Lucius Cornelius Sulla Felix

By Legio Yow

Sulla was said by contemporaries to have had both a lion and a fox in him. His lion was his sheer force of personality and his military brilliance. The fox was his subtle, devious side that he showed when he felt pure force wouldn’t work as well. It is significant to note that, despite being a far crueler dictator than Julius Caesar, he died in his bed (Which puts an amusing light to Caesar’s claim that Sulla “did not know his political ABC’s”). His morality was a poor thing, but his brilliance and forcefulness have assured his place in history. His specter dominated Roman politics long after his death as surely as he dominated it in life. He is now mostly remembered for his fateful march on Rome, the first ever, and for the brutality of his dictatorship, but beneath the cruelty and ruthlessness Sulla was an extremely complex individual, filled with seeming contradictions and containing numerous layers.

Perhaps the best evaluation of his character was a self written epithet, which stated “No better friend, no worse enemy”. Sulla was extremely generous to his friends and allies. Metellus Pius (Who is best described as Sulla’s workhorse) was made Pontifex Maximus, and many of his allies in the Sullan War were made consul. Most obviously, however, was the favor he showed his friends when auctioning off the property of men he proscribed. There are, however, good examples of a line he placed between friend and foe. Lucretius Ofella, the man who captured Praenesta and Marius the Younger, was a firm ally of Sulla’s, but had begun to annoy him by his canvassing for consulship despite Sulla’s objections, so Sulla ordered him killed, saying that those who had been twice humbled should not provoke a third time. And his ferocity towards his enemies is readily apparent. Apart from the proscriptions, his actions in wars were cruel even for the standards of ancient warfare. But his cruelty, unlike many others, seemed to be calculated, like Genghis Khan’s. But despite this ruthlessness, he had a tendency to be lenient with people he had respect for. One example is Atticus, famed through his letters. Atticus, now living in Greece, was a supporter of the Marian faction, so was understandably nervous when Sulla paid him a visit on his way back to Rome. Sulla was so impressed by the man that he offered to give him a place on his staff, but Atticus told him point blank that he would rather not fight against the side he had recently fought for. Sulla was impressed by his candor and let him live.

Sulla’s personality is difficult to fathom, but his genius is breathtakingly clear. In a phrase that cannot be repeated too often when discussing him, Sulla was both a lion and a fox. The best example of his “lion” is his actions immediately following the Battle of the Colline Gate. He gathered together about nine thousand prisoners and herded them off into the Circus Maximus. During his address to the Senate in which he told them not to fear, because the wars were over, the prisoners were butchered, and Plutarch says that the screams were so loud that they were heard in the Senate House. It is understandable that he encountered very little dissent during his dictatorship. But he also had a fox, which is demonstrated by an action during the Sullan War, when he was blocked by the army of the consul Scipio, who outnumbered him 2:1, but was made up of raw recruits rather than Sulla’s battle-hardened veterans. Sulla likely could have destroyed Scipio’s army without too much difficulty, but he instead saw the opportunity to gain more soldiers, so he invited Scipio to a meeting of truce. During his discussions with Scipio, he sent his agents among Scipio’s army, turning it against Scipio and to Sulla. So when Sulla marched out of his camp, Scipio’s army joined him, increasing his force by a great deal. It was this incident that caused Carbo to say that Sulla had both a fox and a lion within him, and that of the two he feared the fox more.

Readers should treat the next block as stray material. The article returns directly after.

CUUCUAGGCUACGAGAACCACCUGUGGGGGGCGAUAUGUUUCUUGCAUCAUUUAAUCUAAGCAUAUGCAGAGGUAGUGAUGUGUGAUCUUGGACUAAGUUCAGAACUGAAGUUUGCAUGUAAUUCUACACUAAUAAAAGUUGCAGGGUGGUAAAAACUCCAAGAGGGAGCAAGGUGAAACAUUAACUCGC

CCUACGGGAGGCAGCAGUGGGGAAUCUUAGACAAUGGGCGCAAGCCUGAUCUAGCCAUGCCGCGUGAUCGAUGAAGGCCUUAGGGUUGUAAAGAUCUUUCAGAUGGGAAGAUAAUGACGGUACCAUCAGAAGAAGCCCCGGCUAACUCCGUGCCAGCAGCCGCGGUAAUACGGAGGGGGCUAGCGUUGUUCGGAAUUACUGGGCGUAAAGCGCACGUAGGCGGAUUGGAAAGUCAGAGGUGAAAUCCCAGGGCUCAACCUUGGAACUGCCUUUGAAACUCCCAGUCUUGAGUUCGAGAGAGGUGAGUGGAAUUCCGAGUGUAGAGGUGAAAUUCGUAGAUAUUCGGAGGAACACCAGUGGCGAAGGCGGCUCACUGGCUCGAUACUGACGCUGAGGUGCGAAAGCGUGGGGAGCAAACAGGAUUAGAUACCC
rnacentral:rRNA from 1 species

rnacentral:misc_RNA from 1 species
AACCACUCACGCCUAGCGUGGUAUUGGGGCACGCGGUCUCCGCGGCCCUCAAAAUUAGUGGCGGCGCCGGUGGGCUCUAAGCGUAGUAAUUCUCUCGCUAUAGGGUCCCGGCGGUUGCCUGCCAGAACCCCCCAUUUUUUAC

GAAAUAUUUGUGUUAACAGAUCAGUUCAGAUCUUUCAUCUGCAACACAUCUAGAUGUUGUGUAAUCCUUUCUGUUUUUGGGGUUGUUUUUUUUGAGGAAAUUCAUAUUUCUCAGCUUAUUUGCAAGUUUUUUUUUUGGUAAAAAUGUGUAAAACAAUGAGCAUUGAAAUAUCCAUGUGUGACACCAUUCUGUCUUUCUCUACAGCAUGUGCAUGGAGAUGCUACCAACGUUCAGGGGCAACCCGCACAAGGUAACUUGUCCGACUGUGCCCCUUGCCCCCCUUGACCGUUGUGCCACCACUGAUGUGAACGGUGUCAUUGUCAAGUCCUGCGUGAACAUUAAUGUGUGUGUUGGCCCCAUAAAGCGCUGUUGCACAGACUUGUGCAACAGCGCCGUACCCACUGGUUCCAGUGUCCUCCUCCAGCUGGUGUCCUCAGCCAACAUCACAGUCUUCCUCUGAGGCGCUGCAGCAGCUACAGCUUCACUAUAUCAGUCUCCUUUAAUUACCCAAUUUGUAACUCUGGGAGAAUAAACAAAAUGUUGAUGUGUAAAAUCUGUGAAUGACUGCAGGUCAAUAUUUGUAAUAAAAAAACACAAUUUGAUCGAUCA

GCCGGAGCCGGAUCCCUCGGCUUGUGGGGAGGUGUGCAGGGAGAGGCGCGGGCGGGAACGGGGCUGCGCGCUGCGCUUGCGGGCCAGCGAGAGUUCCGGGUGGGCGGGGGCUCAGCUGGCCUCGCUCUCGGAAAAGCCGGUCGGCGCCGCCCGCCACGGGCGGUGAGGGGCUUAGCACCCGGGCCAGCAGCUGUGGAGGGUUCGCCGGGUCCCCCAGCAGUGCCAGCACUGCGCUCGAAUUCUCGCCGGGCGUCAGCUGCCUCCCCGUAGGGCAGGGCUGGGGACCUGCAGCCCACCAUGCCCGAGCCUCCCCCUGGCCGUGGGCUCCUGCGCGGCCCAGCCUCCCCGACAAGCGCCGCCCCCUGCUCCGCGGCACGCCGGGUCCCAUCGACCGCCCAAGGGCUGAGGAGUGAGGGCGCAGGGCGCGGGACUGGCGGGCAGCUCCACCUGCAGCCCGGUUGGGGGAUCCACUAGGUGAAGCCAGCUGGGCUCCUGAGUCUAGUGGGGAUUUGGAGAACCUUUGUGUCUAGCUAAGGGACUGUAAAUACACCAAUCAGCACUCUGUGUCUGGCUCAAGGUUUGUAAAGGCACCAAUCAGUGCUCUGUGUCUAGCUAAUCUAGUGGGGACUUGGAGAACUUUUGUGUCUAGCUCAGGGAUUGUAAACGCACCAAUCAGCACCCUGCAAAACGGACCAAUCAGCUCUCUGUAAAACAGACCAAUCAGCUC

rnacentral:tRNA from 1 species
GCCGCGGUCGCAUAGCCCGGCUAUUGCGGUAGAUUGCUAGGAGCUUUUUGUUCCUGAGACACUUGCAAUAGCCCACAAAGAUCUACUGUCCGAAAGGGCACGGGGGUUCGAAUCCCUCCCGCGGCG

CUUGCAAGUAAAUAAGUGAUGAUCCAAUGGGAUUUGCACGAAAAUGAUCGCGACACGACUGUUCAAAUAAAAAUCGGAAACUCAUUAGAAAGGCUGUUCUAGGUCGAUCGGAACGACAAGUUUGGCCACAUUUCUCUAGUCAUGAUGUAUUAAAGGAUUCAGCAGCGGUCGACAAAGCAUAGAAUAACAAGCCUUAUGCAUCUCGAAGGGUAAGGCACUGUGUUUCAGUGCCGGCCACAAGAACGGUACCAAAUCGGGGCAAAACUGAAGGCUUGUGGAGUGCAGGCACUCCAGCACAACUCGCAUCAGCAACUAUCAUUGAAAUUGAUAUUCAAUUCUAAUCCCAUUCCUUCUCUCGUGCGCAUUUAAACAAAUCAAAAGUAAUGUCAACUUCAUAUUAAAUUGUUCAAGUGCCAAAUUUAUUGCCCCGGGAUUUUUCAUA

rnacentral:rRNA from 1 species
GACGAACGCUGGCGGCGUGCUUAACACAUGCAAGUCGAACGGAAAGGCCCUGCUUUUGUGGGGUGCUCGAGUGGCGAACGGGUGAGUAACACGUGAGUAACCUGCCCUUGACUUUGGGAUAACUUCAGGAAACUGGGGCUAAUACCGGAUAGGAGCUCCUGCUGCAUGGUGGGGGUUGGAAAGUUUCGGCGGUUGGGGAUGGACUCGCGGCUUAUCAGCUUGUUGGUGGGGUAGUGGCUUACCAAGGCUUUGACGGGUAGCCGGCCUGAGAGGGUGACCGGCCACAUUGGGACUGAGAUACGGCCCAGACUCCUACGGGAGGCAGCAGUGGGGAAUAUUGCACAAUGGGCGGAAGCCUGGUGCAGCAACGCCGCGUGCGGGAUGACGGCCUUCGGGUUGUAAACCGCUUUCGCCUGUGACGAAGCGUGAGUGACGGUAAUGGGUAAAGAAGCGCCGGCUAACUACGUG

But Sulla’s intelligence was not restricted to those arts, but in fact covered a great variety of topics. He was extremely good at recognizing talent in his subordinates, being able to pick out Pompey and Metellus Pius before they had proven themselves. He was also strangely prescient in many ways. The most famous example of this was his exclamation concerning young Julius Caesar, to the effect that in Caesar he saw many Mariuses. This proved to be eerily accurate, and made before Caesar had shown his Marian side.

A word also must be said to his private life. Sulla was rumored throughout his career to have homosexual tendencies, and when he was through being dictator, he showed the proof in this in a most spectacular fashion. As he was exiting the city, he was accompanied by actors and prostitutes, neither of which was far removed from each other in terms of respectability, and most importantly, his longtime lover Metrobius. He pointed to Metrobius and exclaimed to the crowd that this was his lover, and his procession demonstrated what kind of life he would lead for his last few months.

Pulling all this information together is not easy, and Sulla’s true character has eluded historians for two millennia. He was a brilliant general and politician, able to be both subtle and brutally blunt when the situation called for it. He was ruthless at times, and at other times surprisingly generous. He was a confirmed realist, but he had a firm belief in his own fortune. Perhaps the only way to describe Sulla comes from Shakespeare:
He was a man, take him for all in all, I shall not look upon his like again.